This is shown in the setting, where she describes the rain and darkness. One thing which Mary Shelley shows a lot is, Victor's isolation and this is typical of Gothic fiction. The Gothic tradition is also shown in the plot where people deal with the unknown; they deal with things, which are out of their imagination and to do with supernatural. We see this with Victor because he is creating something that no one can imagine. Even though Gothic fiction is so old, it is still popular because it's a fashion, which will always remain with us. Another literary context, which Mary Shelley was influenced by, was Romanticism. The Romantics believed that the individual was more important than society. They also believed that the emotions of people were important too. Another thing that they believed was that nature has great powers. In chapter 5 we see the influence of romanticism when Victor falls ill, because of technology and science. However he is then helped to recover by nature. "It was the divine spring, and the season contributed greatly to my convalescence." Victor says that nature restores him back to health and back to his normal self too. Overall Mary Shelley is trying to say that nature is the greatest medicine and one should not try to change the fact by using technology. In the whole novel Mary Shelley argues against technology by talking about nature and emotions. We can clearly see that she is influenced by Romanticism in the writing of the novel. Another example that she uses is when the creature says to Frankenstein: 'you have given me emotions but didn't tell me how to use them'. This is typical of a Romantic's thought. Some of the things, which inspired Mary Shelley to write about Romanticism, were that her husband Percy Bysse Shelley was a romantic poet and so was their friend Byron. It was a particularly strong influence on artists and writer, at that time. So finally looking at the overall literary context used in chapter 5, it has given us as readers a better understanding of 19th century prose. ...read more.

The above preview is unformatted text

This student written piece of work is one of many that can be found in our GCSE Mary Shelley section.

Found what you're looking for?

  • Start learning 29% faster today
  • 150,000+ documents available
  • Just £6.99 a month

Not the one? Search for your essay title...
  • Join over 1.2 million students every month
  • Accelerate your learning by 29%
  • Unlimited access from just £6.99 per month

See related essaysSee related essays

Related GCSE Mary Shelley essays

  1. Marked by a teacher

    Frankenstein. Look at the significance of chapter five to the novella as a whole. ...

    3 star(s)

    Mary Shelley foreshadows what will happen next Shelley has used "with the gloom of the surrounding comfortless sky". The reader will feel pathos towards Frankenstein as he has caused his own misery, also anxious as they will be able to predict what will happen next.

  2. Look at the significance of chapter five to the novel as a whole. Focus ...

    She published the book under a man's name because a woman writing a book at this time was very unusual and society was still very sexist. Women were thought of as less important than men and so were not accepted as writers, and were refused publication; although many novels at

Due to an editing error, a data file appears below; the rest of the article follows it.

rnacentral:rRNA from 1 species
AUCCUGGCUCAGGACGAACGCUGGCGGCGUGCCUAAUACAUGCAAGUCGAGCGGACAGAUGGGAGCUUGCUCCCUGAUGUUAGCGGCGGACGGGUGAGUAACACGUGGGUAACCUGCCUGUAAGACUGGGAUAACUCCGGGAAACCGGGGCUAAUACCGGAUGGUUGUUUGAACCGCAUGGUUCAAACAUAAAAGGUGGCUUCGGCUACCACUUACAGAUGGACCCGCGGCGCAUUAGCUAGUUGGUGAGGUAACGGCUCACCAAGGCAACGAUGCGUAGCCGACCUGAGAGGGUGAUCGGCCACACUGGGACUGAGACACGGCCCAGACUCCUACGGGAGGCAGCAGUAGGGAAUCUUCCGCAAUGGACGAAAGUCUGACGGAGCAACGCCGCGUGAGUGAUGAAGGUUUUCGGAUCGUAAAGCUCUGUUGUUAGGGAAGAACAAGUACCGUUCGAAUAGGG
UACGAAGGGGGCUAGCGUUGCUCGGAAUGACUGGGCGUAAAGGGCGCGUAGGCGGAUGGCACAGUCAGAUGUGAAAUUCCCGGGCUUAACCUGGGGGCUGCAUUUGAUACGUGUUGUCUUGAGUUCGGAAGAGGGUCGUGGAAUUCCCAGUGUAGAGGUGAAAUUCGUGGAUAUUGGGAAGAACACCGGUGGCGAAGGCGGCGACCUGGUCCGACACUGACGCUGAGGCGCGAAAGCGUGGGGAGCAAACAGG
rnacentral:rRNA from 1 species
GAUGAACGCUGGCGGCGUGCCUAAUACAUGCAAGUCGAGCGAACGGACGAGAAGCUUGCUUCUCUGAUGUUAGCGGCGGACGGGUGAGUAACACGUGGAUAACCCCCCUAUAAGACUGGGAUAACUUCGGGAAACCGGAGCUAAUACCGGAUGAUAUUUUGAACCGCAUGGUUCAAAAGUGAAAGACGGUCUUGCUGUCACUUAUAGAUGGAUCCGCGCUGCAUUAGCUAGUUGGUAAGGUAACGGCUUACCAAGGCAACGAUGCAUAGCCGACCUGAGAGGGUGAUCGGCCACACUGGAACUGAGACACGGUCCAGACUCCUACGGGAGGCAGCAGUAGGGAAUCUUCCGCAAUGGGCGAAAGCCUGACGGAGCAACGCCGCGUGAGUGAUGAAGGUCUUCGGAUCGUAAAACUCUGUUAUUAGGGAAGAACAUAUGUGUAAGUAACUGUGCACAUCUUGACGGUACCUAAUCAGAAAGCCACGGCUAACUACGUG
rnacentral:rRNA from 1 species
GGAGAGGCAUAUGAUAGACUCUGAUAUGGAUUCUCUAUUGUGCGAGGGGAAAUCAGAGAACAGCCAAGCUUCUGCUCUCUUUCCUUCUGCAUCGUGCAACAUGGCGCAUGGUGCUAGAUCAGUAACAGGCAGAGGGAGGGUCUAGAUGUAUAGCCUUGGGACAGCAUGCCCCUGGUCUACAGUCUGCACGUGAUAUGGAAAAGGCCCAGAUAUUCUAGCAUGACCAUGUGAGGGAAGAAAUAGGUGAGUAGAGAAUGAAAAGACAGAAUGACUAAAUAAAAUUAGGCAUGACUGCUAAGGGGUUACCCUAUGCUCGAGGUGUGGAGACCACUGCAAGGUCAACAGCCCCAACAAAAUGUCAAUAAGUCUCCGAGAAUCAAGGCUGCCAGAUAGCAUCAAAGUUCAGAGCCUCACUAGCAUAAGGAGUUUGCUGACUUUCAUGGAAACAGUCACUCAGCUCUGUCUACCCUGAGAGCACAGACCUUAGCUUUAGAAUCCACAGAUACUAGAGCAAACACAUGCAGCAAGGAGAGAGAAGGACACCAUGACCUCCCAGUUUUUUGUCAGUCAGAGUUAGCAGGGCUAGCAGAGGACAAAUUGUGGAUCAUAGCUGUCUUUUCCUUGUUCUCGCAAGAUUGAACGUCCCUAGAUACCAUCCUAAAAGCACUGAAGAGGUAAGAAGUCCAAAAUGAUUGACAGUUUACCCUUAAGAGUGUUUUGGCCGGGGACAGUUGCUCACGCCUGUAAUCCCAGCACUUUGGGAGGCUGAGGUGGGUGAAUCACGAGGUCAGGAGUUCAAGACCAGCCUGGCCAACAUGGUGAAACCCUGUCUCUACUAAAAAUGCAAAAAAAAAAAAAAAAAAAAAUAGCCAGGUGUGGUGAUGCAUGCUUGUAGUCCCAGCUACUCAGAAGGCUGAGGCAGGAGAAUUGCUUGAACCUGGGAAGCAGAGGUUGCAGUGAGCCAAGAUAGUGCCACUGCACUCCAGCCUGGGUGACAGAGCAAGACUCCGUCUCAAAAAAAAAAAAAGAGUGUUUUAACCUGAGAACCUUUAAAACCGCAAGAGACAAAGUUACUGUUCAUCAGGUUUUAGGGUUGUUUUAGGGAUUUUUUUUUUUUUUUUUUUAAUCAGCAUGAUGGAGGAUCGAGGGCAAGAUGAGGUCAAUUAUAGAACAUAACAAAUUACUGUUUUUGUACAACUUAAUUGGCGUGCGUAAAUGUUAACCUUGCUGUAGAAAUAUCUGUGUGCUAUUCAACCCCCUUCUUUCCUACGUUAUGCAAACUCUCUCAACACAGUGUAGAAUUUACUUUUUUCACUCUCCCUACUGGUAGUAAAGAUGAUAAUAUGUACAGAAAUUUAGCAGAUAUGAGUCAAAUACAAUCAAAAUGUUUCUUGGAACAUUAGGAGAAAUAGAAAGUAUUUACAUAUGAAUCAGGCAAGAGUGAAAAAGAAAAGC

1. How Mary Shelley influences the readers reaction to the creature

    The use of rich, textural language animates the creature in the readers mind, such as 'his yellow skin scarcely covered the work of muscles and arteries beneath', and 'his hair was of lustrous black, and flowing'. Shelley's use of the words "horrible contrast" give the reader the opinion that the

  2. Frankenstein by Mary Shelley - With reference to chapters 11-16, describe the development and ...

    How strange, I thought, that the same cause should produce such opposite effects!" Despite the similarity to the way in which the monster made his discoveries and acquired knowledge and understanding right at the beginning of his life, he is gradually developing by thinking things through and rationalising.

  1. Frankenstein - Explain how the character of the monster develops throughout the novel. How ...

    Shelley makes the reader feel sympathy at the same time as they feel disgust for the monster. Similar to a child the monster has been born and similar to a child it is innocent, as it is unfamiliar to its surroundings and cannot speak.

  2. In your view how do you think Mary Shelley wanted her readers to respond ...

    At this point, the reader does not know what to feel for Frankenstein. On the one hand he is idealistic and imagining a perfect invulnerable human banishing all disease and on the other hand he is collecting limbs and bones and showing lack of remorse.

  1. Frankenstein. I aim to discuss and analyse the significance of chapter 5 to the ...

    When writing Frankenstein, Shelley was inspired by the scientific revolution of the time. She was familiar with two people, Galvani, who had evidently re-animated dead tissue and Aldini, who wired up a criminal's corpse to a battery so that his jaw appeared to move and a fist to clench.

  2. Frankenstein and Blade Runner - Comparative in Context.

    This places Frankenstein at the forefront of a new sub-genre, also incorporating fledgling sci-fi. This again places context, especially the parallels to the promethean myth which betray Shelley?s background and education. Her language is formal* to appeal to an educated audience, and she uses as many big words as she can to sound smart.

  • Over 160,000 pieces
    of student written work
  • Annotated by
    experienced teachers
  • Ideas and feedback to
    improve your own work